Spectacular sights were enjoyed by thousands of spectators at Saunton last Saturday (4th June) as ‘Devon D-Day’ returned to the beach for its second year. History was brought to life as 6 wartime aircraft and around 20 military vehicles descended onto Saunton Beach, which was once used by American Soldiers in training. Visitors were also treated to an impressive pyrotechnic display of a pillbox assault, complete with smoke, bangs, and explosions from blank ammunition.
Crowds flocked to the dunes to enjoy a magnificent view of the planes descending onto a specially marked runway which was stewarded by uniformed reenactors. After landing, the aircraft journeyed up the beach to form a static display – here, spectators got the chance to take a closer look at the planes and chat to the pilots. Pilot Richard Horner said: “The crowd were excited and interested and clapped us as we exited our aircraft before swarming us to have a closer look.”
The planes had to leave earlier than expected due to the fast-approaching sea mist. Again, the crowds lined the beach to cheer the pilots and wave them off as they took to the sky.
Later in the afternoon, a number of military vehicles took place in a convoy along the beach with uniformed reenactors riding as passengers. Drivers sounded their horns and waved to spectators – it was a truly magnificent display!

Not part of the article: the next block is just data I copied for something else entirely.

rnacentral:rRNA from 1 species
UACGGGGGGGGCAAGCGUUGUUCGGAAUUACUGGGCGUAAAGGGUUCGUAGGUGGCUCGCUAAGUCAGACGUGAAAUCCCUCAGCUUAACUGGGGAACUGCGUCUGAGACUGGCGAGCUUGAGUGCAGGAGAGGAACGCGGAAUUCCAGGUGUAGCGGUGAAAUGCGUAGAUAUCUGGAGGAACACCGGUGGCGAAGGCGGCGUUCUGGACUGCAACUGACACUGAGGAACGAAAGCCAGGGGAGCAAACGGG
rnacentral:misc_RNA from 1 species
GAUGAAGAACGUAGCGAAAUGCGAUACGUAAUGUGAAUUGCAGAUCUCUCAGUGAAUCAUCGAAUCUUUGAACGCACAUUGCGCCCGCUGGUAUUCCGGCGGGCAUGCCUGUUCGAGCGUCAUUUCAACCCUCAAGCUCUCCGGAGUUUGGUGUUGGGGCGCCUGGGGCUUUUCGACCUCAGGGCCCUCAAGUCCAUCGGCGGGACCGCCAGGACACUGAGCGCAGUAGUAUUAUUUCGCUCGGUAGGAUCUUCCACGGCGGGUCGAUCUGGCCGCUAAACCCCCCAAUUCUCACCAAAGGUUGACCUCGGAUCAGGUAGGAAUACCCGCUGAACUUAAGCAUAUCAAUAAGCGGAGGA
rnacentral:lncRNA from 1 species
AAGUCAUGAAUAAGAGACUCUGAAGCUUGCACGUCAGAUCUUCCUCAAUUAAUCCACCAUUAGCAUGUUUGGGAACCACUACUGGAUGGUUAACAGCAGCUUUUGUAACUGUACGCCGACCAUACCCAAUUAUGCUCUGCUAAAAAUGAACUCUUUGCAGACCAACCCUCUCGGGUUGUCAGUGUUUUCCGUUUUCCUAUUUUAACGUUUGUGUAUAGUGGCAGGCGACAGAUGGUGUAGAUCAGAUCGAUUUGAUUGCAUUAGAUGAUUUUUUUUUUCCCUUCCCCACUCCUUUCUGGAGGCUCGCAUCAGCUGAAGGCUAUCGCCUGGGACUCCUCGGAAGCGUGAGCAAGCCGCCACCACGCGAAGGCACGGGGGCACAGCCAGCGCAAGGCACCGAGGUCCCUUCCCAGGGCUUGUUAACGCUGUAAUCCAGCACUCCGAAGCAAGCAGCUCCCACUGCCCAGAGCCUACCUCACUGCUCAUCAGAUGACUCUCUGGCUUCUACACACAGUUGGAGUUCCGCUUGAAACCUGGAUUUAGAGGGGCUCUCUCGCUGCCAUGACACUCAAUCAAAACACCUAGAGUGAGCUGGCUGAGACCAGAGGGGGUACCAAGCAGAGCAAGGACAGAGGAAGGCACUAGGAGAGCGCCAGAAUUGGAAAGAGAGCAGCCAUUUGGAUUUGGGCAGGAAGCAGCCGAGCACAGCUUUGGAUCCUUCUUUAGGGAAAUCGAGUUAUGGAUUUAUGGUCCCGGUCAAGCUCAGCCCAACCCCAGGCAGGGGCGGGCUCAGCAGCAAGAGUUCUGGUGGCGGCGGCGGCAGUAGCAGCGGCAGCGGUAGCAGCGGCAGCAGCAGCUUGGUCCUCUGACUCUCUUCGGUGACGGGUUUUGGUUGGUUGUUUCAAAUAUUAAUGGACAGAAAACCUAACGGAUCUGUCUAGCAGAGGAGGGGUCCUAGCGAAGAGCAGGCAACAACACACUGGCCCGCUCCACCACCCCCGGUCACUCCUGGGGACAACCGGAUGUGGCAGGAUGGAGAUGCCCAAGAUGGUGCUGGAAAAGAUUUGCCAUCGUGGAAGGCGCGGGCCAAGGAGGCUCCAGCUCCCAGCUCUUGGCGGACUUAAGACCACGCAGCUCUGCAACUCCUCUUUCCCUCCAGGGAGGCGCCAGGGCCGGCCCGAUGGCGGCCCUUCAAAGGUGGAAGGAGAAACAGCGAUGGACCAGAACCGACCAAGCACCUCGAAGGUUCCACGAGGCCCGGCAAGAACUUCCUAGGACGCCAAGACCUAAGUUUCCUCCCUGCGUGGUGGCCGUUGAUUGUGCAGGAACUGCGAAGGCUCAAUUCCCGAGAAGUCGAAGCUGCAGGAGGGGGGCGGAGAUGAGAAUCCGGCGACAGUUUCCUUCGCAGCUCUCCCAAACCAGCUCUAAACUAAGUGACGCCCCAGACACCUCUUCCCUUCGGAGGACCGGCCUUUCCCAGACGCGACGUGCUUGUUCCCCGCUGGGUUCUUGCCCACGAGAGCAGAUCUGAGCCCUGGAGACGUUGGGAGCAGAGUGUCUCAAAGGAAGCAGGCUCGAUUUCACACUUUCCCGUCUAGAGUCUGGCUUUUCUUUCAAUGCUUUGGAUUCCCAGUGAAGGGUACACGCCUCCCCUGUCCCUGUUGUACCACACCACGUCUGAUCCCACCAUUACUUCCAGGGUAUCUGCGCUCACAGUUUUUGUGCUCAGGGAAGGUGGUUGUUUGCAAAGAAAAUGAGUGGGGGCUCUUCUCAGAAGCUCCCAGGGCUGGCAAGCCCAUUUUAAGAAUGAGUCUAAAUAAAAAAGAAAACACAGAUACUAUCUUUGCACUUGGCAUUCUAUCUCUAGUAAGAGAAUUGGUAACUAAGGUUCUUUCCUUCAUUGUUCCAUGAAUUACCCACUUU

Photo credit: Oisin Carr- Eighty Sixth Floor Music.
In the car park, a military-style camp had been created with tents, jeeps, and trucks. Here, reenactors and military enthusiasts put on displays and ran activities, such as airsoft firing range.
Devon D-Day 2016 was organised by the Friends of the Assault Training Centre (FATC), supported by Saunton Beach Enterprises and Saunton Sands Hotel. Richard Bass from the FATC said: “(We) are delighted that so many people attended to commemorate the anniversary of D-Day 6th June 1944 and learn the vital role North Devon played in preparing those young American soldiers for what lay before them on the beaches of Normandy.”
The commemorative event marks the 72nd anniversary of the Normandy Landings and pays tribute to the thousands of men who trained on the North Devon coast during WW2. The entire coastal area from Braunton Burrows to Morte Point was assigned to the U.S. Army as their Assault Training Centre (A.T.C.) in September of 1943. In six months, over 10,000 American troops trained at the ATC.
A massive thank you goes to all of the pilots, reenactors, and vehicle owners who spared the time to make Devon D-Day 2016 such a fantastic success.